By studying fish raised in aquaculture, researchers from the Helmholtz Zentrum München, the University of Copenhagen and the University of Campinas in Brazil have shed new light on the mechanisms by which antibiotic resistance genes are transferred between bacteria. According to the study published in the journal Microbiome, those mechanisms are more varied than previously thought.
"In the past 70 years, the use of antibiotics in human and veterinary medicine has steadily increased, leading to a dramatic rise in resistant microorganisms," says Prof. Dr. Michael Schloter, head of the Research Unit for Comparative Microbiome Analyses (COMI) at Helmholtz Zentrum München. It is especially alarming that many micro¬organisms are resistant not just to one antibiotic, but to a whole range of different substances, states the corresponding author of the recent study. This poses particular problems in the treatment of infectious diseases. "We therefore set out to discover the mechanisms responsible for resistance development," he says.
To this end, he and his team, together with Danish scientists led by Gisle Vestergaard (University of Copenhagen and Helmholtz Zentrum München), investigated fish raised in aquaculture. Specifically, they studied Piaractus mesopotamicus, a South American species known as pacu that is often raised in aquaculture. The fish received the antibiotic florfenicol in their food for 34 days. During this time and after the application period, the researchers took samples from the digestive tract of the fish and looked for relevant genetic changes in the gut bacteria.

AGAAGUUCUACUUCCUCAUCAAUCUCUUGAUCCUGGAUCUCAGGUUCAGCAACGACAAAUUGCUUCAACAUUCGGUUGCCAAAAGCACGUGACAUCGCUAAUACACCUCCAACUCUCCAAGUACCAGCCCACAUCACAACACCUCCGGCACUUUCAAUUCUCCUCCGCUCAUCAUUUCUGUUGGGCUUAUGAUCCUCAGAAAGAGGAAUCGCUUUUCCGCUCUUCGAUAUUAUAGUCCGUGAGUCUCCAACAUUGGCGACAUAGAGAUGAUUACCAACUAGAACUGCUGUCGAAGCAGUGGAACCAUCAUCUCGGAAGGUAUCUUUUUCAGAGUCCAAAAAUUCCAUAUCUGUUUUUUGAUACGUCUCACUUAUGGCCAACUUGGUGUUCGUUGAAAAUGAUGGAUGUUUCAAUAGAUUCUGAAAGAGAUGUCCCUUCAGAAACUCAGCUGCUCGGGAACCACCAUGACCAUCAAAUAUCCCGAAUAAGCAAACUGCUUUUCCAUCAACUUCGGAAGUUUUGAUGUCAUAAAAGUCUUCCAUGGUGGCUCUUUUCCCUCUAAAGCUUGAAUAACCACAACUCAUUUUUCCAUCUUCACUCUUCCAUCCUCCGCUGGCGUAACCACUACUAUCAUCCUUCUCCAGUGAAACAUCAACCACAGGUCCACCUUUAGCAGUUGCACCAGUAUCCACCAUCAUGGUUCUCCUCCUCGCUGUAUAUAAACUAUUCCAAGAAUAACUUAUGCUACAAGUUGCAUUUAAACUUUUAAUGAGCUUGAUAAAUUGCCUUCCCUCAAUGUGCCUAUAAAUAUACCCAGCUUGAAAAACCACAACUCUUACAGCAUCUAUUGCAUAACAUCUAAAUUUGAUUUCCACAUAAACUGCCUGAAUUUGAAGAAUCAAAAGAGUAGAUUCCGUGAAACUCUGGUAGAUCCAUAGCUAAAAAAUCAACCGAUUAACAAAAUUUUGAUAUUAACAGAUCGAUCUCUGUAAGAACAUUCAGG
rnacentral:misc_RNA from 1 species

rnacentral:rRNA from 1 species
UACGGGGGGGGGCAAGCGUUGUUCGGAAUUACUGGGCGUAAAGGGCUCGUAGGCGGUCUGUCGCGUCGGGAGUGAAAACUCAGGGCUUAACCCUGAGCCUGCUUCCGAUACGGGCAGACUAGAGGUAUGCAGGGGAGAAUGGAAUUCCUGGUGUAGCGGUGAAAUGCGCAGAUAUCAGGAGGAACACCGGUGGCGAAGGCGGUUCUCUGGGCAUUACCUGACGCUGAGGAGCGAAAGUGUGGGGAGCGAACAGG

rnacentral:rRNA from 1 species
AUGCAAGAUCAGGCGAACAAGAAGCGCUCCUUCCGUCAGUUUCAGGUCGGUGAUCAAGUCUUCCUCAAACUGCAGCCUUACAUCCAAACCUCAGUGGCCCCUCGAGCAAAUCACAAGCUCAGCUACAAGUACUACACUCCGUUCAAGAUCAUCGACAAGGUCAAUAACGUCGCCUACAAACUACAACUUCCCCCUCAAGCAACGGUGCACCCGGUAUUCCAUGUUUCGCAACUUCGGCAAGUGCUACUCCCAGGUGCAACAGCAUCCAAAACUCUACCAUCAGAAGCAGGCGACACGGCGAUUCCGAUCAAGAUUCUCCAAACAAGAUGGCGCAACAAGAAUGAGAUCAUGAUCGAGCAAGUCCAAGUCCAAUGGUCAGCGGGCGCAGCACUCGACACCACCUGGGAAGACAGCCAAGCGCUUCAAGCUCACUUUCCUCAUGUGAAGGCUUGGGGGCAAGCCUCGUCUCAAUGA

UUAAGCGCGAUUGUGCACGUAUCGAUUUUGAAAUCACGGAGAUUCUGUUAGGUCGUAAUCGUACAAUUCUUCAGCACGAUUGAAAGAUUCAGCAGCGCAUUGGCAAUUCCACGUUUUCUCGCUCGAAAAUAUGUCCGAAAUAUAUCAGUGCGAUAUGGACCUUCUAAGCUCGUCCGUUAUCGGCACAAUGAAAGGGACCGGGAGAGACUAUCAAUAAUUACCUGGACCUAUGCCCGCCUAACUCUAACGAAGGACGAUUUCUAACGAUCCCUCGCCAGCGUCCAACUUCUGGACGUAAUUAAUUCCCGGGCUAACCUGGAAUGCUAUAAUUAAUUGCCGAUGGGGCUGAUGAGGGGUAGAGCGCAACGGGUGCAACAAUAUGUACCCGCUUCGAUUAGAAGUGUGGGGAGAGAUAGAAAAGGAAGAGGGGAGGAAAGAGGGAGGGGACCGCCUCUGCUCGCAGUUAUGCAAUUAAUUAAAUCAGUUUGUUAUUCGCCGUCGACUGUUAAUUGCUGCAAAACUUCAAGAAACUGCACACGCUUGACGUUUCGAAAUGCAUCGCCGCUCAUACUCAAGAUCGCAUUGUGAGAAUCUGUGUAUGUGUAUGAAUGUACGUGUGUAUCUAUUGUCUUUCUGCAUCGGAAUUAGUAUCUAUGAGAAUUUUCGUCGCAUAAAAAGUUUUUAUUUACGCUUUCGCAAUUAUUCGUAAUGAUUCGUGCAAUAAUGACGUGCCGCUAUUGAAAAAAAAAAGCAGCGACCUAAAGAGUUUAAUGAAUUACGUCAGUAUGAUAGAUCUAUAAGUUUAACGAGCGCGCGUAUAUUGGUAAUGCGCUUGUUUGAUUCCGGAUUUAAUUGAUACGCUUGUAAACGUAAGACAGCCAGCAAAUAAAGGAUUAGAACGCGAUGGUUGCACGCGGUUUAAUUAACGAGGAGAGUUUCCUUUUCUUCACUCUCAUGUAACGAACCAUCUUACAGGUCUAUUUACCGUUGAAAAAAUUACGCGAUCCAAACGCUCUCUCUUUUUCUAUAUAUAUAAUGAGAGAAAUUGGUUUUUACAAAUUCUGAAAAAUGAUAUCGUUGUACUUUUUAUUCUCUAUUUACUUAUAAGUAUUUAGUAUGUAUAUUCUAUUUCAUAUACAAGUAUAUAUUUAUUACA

Resistance genes hop around the genome
"As expected, administration of the antibiotic induced an increase in the genes responsible for resistance to that antibiotic," explains COMI doctoral student Johan Sebastian Sáenz Medina, lead author of the paper. "One example are genes for pump proteins, which simply remove the active substance from the bacteria again. However, we were particularly surprised by the different mechanisms that we could detect by which antibiotic resistance genes are spread amongst gut bacteria of the fish" Sáenz Medina explains. "This suggests that the bacteria also exchange resistance through viruses, known as phages, and transposons."